The CSA is an excellent opportunity for the community to support locally-grown food and the Food Bank of Delaware.
There are even shares available for people needing food assistance.
To learn more about their CSA program and to reserve your share, go to www.fbd.org/csa/
Community Outreach And Training
The Food Bank of Delaware wants to empower low-income families to make healthy food decisions on a limited budget. Therefore, the organization educates families through the SNAP and WIC education programs. SNAP stands for Supplemental Nutrition Assistance Program and is the largest federal nutrition assistance program, providing eligible families with benefits via an Electronic Benefits Transfer card. The SNAP education program educates individuals and families on making healthier choices by improving access to healthful foods and conducting free, evidence-based nutrition education classes about healthy eating and physical activity. They also have an outreach team that helps SNAP application assistance.
WIC stands for Women, Infants, and Children. It is a federal program that aims to safeguard the health of low-income pregnant, breastfeeding, and non-breastfeeding women and children up to five years old who are at nutritional risk. The WIC outreach program addresses nutrition topics specific to that demographic and how to plan and prepare nutritious meals for their families.
The Food Bank of Delaware additionally works with the Stand By Me program to help Delawareans become more financially literate. This free program includes a personal financial coach to help individuals understand their finances, make good financial decisions, and achieve financial security.
There are multiple workforce training programs and certificate opportunities through the food bank. The first program began in 2002 when the Food Bank of Delaware started its culinary training program. This program has seen more than 800 graduates since its start. It is a 14-week course designed to teach participants skills needed to work in the culinary fields and become ServSafe© certified. In the last two weeks of the program, the participants are placed in a paid work experience. In addition, the culinary program includes other career-building skills such as resume building, conflict resolution, and financial literacy.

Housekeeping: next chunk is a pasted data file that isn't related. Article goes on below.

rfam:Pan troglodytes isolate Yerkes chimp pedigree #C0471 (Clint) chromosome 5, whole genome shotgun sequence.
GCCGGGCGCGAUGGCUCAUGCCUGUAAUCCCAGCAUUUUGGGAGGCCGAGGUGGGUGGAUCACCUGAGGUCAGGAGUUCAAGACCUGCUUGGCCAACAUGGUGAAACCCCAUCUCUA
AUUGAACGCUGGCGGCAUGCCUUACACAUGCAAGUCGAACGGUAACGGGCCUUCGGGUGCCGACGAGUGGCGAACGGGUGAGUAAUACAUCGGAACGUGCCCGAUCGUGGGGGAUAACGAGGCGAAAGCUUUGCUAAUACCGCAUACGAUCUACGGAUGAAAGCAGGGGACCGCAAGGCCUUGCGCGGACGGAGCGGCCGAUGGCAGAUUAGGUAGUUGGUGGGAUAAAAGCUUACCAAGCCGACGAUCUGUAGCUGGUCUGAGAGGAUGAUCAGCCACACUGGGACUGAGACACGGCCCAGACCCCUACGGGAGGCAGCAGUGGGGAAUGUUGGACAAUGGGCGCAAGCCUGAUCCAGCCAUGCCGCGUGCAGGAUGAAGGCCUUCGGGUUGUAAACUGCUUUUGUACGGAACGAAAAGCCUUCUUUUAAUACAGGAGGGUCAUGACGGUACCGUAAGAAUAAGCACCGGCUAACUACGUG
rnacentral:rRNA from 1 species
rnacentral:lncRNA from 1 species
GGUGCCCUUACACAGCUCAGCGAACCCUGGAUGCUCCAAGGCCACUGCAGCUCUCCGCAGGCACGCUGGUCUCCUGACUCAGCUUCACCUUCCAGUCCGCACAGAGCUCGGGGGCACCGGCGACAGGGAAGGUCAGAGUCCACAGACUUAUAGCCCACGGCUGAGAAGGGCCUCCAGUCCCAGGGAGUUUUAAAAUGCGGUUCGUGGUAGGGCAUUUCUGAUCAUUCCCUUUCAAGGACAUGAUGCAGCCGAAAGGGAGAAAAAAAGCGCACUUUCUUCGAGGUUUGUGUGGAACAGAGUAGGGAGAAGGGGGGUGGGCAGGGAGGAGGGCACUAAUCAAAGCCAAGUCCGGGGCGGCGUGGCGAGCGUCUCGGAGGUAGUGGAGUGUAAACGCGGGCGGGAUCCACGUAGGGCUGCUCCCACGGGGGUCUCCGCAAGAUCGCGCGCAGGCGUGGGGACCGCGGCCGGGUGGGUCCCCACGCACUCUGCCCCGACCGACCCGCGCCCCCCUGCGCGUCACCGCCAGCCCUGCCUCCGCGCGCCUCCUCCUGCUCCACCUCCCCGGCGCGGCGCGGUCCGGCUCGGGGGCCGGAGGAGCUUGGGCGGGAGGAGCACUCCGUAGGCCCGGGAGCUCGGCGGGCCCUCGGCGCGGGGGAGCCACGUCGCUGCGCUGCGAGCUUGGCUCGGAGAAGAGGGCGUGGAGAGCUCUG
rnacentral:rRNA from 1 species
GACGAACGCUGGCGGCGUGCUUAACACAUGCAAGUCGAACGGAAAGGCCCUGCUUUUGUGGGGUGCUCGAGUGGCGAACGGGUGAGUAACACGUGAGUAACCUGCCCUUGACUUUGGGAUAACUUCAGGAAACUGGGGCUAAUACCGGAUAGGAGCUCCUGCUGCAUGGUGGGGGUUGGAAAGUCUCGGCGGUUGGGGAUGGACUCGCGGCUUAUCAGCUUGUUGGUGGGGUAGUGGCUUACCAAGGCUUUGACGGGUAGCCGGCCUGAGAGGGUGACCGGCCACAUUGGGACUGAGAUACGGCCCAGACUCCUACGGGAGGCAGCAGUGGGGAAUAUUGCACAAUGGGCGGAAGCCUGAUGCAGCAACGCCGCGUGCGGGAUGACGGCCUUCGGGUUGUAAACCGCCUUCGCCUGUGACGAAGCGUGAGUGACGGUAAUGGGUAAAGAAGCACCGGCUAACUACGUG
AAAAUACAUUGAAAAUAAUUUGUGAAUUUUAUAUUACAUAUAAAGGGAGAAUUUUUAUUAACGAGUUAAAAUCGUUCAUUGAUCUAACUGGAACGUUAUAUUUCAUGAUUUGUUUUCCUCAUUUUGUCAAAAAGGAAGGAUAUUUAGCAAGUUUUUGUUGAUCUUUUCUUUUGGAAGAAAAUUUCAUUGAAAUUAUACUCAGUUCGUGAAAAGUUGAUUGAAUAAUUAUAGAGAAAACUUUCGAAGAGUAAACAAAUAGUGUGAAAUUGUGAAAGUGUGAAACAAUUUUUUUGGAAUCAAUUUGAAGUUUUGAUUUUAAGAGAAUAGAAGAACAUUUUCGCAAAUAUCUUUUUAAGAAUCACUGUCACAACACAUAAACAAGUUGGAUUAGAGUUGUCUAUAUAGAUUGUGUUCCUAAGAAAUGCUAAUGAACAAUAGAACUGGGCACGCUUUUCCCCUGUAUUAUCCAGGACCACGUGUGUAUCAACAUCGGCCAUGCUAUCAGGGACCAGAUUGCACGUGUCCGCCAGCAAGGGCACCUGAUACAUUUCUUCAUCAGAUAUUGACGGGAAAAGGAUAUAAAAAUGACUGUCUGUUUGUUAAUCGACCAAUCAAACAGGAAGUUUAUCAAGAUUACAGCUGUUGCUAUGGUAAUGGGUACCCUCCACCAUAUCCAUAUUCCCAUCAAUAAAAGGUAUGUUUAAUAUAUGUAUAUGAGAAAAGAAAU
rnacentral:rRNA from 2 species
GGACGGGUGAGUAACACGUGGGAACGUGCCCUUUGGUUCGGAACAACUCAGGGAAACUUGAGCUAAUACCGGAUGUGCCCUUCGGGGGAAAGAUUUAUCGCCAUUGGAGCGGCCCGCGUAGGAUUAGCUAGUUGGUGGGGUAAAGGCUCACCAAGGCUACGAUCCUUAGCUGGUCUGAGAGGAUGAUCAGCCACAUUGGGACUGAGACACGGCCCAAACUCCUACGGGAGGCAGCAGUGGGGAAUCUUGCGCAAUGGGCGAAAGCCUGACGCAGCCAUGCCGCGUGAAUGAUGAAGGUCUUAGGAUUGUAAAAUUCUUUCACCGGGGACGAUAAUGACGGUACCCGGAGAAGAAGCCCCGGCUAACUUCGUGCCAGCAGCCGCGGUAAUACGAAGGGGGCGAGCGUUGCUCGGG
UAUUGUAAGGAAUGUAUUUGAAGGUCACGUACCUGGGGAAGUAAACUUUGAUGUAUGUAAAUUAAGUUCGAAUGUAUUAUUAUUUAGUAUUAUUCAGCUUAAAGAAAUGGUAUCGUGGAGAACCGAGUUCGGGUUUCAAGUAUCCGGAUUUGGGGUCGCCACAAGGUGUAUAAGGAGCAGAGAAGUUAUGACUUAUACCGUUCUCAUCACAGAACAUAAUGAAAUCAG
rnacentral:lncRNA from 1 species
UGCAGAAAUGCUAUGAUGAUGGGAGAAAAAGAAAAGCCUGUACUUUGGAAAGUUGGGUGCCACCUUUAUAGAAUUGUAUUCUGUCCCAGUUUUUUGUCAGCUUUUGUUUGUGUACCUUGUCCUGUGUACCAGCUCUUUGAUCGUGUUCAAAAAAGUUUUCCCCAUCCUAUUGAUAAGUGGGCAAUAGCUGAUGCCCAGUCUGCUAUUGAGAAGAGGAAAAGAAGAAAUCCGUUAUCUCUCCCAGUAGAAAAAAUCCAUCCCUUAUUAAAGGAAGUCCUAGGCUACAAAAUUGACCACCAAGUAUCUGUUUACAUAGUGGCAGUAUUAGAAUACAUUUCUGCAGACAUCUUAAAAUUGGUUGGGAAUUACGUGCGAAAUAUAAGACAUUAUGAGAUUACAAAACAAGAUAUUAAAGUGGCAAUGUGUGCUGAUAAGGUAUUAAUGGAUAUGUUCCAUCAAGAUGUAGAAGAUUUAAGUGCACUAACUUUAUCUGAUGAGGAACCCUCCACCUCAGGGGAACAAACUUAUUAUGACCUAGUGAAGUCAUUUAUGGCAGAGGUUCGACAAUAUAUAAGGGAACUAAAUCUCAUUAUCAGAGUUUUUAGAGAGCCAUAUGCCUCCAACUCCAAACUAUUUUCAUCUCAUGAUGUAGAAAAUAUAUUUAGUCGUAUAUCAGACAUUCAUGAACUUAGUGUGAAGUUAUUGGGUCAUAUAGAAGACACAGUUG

The food bank also started a free career training program named L.O.G.I.C. in 2018. L.O.G.I.C. covers logistics, operations, general warehousing, and inventory control. The program is a total of 11-weeks, with 9 weeks spent training in the food bank warehouse and learning in classrooms and the last two weeks in a paid work experience. Along the way, participants can become certified to operate a forklift, gain an OSHA-10 safety certification, and learn to use other major equipment that they would encounter in a warehousing job.
There is even a summer culinary exploration program for young adults with disabilities aged 16-21 years old. The free summer exploration program gives participants training, an introduction to kitchen safety, cooking experience, ServSafe© certification, financial coaching, and life skills for the kitchen and employment.
To learn more about the outreach and education programs at the Food Bank of Delaware, visit www.fbd.org/outreach-and-education/ and www.fbd.org/delawarefoodworks/.
Helping Out and Contributing
The Food Bank of Delaware is an excellent place to help those looking to make a difference in the local community. Just as with any food bank, food donations are always welcome. Their most needed items include high-fiber, low-sugar, and low-sodium, not expired, shelf-stable items. In addition to shelf-stable food donations, the food bank takes fresh produce donations from personal gardens. They also have an Amazon Wishlist that you can purchase from to help them stock their most needed food and hygiene products. Monetary donations are also accepted.
If you want to donate your time, the food bank always accepts volunteers. Volunteers can help pack food boxes, sort food donations, assist in the food pantry, help on the farm, help at a mobile pantry, and more! Volunteers are required to sign up ahead of time, but it is super easy. There is an online form where you choose the activity and day you’d like to volunteer. Parents who sign up themselves can bring their children, ages 7 to 15 years old, with them. Anyone 16 years of age and older can sign up and come without a parent. Volunteering at the Food Bank of Delaware is a great way to be involved in the local community. To sign up to volunteer, visit www.fbd.org/get-involved/volunteer/
From food assistance to nutrition education and beyond, the programs and services offered by the Food Bank of Delaware are essential to thousands of individuals and families that depend on them each year. The food bank’s philosophy revolves around not just providing those in need with a healthy meal but teaching them to make nutritious food choices and creating long-term solutions to hunger and poverty. Though the food bank may not be a staple in your day-to-day life, it may be a lifeline for other food-insecure Delawareans – an important perspective for the next time you’re clearing out canned goods from your pantry.